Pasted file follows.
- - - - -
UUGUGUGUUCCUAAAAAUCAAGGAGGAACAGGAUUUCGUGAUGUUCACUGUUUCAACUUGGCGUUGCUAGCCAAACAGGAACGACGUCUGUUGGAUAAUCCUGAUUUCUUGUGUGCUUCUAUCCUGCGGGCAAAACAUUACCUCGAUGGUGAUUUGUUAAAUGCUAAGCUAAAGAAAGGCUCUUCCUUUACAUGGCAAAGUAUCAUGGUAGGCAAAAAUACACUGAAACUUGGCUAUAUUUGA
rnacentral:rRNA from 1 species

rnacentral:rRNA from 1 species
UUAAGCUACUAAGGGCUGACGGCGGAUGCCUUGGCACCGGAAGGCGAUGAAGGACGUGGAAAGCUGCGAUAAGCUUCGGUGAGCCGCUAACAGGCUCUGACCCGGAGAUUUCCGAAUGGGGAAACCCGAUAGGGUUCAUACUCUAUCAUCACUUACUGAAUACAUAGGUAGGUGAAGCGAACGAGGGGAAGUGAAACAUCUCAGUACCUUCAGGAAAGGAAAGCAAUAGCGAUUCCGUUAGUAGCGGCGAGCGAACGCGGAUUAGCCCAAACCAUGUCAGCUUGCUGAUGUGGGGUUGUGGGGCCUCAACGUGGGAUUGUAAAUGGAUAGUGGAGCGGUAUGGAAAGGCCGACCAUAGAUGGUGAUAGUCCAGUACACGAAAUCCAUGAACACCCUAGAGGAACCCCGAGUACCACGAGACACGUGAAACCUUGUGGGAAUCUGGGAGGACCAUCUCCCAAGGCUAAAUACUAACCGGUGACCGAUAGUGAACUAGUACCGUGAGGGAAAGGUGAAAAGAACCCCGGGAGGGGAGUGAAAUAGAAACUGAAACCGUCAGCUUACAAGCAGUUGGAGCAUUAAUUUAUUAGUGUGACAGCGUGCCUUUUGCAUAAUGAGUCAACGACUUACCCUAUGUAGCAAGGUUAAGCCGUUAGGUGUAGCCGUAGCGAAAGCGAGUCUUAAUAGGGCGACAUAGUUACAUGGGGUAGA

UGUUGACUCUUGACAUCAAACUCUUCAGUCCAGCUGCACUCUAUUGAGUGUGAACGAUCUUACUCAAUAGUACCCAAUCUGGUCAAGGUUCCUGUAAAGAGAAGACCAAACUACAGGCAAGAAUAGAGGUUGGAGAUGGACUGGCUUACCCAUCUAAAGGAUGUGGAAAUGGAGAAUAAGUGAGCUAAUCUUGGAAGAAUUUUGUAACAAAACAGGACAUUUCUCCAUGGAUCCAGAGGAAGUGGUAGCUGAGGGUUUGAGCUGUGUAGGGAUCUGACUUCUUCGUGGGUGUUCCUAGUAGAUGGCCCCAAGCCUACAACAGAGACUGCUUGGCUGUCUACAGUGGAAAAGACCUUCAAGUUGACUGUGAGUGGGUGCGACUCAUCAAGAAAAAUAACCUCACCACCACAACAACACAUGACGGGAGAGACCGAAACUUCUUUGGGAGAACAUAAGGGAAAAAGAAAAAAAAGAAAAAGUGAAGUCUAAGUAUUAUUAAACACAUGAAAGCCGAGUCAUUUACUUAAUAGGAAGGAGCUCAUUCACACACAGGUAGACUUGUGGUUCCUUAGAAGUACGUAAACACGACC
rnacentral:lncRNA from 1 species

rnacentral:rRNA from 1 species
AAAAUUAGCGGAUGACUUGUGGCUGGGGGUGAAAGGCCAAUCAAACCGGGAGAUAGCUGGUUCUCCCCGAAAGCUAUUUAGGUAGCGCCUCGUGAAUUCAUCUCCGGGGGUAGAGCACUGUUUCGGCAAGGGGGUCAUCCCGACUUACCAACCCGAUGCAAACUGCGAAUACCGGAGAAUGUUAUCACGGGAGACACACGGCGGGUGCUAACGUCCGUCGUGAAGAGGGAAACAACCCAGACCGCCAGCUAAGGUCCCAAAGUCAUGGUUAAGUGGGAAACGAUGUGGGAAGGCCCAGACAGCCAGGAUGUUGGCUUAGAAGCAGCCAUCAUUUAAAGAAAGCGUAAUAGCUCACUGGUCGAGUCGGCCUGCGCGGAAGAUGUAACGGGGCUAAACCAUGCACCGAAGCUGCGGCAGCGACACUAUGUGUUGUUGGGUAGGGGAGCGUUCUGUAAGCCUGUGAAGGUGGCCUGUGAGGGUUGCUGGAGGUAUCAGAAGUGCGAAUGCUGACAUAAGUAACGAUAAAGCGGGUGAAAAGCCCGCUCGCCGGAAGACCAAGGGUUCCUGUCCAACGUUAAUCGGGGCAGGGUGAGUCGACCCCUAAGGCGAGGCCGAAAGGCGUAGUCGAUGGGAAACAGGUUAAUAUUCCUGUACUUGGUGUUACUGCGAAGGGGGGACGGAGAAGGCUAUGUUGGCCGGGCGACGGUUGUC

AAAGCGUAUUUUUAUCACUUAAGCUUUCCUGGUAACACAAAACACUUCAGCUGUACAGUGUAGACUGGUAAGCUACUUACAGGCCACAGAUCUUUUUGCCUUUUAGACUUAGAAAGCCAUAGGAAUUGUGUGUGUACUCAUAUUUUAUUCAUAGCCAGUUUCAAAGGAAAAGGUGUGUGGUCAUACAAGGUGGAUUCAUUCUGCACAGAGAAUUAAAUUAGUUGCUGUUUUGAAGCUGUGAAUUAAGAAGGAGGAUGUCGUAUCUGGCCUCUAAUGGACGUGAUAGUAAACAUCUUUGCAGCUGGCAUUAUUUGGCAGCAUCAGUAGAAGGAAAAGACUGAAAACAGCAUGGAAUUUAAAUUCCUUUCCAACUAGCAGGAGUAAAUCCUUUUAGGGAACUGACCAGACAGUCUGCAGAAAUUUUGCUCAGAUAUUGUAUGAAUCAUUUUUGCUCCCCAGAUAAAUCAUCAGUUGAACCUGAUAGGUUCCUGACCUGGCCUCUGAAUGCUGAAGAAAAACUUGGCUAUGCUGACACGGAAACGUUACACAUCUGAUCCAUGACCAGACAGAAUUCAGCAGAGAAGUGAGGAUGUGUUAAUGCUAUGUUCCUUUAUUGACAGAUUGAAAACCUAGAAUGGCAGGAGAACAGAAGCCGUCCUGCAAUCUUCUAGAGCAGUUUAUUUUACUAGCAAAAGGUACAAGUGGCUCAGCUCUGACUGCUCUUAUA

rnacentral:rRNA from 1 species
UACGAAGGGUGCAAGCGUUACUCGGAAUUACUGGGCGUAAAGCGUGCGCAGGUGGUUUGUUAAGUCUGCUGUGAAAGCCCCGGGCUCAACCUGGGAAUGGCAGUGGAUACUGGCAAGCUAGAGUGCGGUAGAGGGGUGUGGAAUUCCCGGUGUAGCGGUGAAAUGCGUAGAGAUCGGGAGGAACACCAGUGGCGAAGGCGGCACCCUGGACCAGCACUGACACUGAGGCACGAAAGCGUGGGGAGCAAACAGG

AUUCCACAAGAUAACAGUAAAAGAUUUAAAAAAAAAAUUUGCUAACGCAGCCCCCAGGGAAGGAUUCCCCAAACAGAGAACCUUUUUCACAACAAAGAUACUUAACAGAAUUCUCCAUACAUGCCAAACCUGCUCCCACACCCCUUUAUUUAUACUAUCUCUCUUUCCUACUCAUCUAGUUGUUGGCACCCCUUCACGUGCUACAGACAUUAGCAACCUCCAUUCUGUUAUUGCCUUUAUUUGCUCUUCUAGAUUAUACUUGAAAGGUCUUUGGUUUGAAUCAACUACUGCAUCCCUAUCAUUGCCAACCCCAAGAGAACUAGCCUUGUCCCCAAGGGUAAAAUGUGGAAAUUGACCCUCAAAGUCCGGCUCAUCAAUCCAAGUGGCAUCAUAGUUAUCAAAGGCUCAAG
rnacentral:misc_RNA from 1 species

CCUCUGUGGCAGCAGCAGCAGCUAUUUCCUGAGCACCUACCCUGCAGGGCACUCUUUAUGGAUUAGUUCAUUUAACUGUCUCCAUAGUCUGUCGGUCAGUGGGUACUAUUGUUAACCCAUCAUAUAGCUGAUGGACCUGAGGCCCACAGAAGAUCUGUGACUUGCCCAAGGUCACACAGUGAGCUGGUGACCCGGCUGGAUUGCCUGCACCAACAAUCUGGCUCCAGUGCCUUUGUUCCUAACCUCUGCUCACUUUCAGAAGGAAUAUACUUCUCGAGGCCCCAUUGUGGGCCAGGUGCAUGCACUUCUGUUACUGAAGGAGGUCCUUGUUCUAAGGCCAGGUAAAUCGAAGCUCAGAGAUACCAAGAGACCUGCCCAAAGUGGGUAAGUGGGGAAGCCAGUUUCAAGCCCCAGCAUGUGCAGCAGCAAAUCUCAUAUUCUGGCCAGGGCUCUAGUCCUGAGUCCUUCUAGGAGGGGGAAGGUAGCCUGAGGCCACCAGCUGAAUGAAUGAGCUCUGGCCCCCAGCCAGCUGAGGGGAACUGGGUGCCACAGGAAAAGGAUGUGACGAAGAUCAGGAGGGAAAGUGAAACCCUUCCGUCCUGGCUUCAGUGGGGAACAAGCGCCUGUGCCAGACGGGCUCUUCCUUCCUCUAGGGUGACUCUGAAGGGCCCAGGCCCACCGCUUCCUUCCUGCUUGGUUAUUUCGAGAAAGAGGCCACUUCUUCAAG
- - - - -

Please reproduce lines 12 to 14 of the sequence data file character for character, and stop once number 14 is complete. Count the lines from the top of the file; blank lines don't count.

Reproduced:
AUUCCACAAGAUAACAGUAAAAGAUUUAAAAAAAAAAUUUGCUAACGCAGCCCCCAGGGAAGGAUUCCCCAAACAGAGAACCUUUUUCACAACAAAGAUACUUAACAGAAUUCUCCAUACAUGCCAAACCUGCUCCCACACCCCUUUAUUUAUACUAUCUCUCUUUCCUACUCAUCUAGUUGUUGGCACCCCUUCACGUGCUACAGACAUUAGCAACCUCCAUUCUGUUAUUGCCUUUAUUUGCUCUUCUAGAUUAUACUUGAAAGGUCUUUGGUUUGAAUCAACUACUGCAUCCCUAUCAUUGCCAACCCCAAGAGAACUAGCCUUGUCCCCAAGGGUAAAAUGUGGAAAUUGACCCUCAAAGUCCGGCUCAUCAAUCCAAGUGGCAUCAUAGUUAUCAAAGGCUCAAG
rnacentral:misc_RNA from 1 species

CCUCUGUGGCAGCAGCAGCAGCUAUUUCCUGAGCACCUACCCUGCAGGGCACUCUUUAUGGAUUAGUUCAUUUAACUGUCUCCAUAGUCUGUCGGUCAGUGGGUACUAUUGUUAACCCAUCAUAUAGCUGAUGGACCUGAGGCCCACAGAAGAUCUGUGACUUGCCCAAGGUCACACAGUGAGCUGGUGACCCGGCUGGAUUGCCUGCACCAACAAUCUGGCUCCAGUGCCUUUGUUCCUAACCUCUGCUCACUUUCAGAAGGAAUAUACUUCUCGAGGCCCCAUUGUGGGCCAGGUGCAUGCACUUCUGUUACUGAAGGAGGUCCUUGUUCUAAGGCCAGGUAAAUCGAAGCUCAGAGAUACCAAGAGACCUGCCCAAAGUGGGUAAGUGGGGAAGCCAGUUUCAAGCCCCAGCAUGUGCAGCAGCAAAUCUCAUAUUCUGGCCAGGGCUCUAGUCCUGAGUCCUUCUAGGAGGGGGAAGGUAGCCUGAGGCCACCAGCUGAAUGAAUGAGCUCUGGCCCCCAGCCAGCUGAGGGGAACUGGGUGCCACAGGAAAAGGAUGUGACGAAGAUCAGGAGGGAAAGUGAAACCCUUCCGUCCUGGCUUCAGUGGGGAACAAGCGCCUGUGCCAGACGGGCUCUUCCUUCCUCUAGGGUGACUCUGAAGGGCCCAGGCCCACCGCUUCCUUCCUGCUUGGUUAUUUCGAGAAAGAGGCCACUUCUUCAAG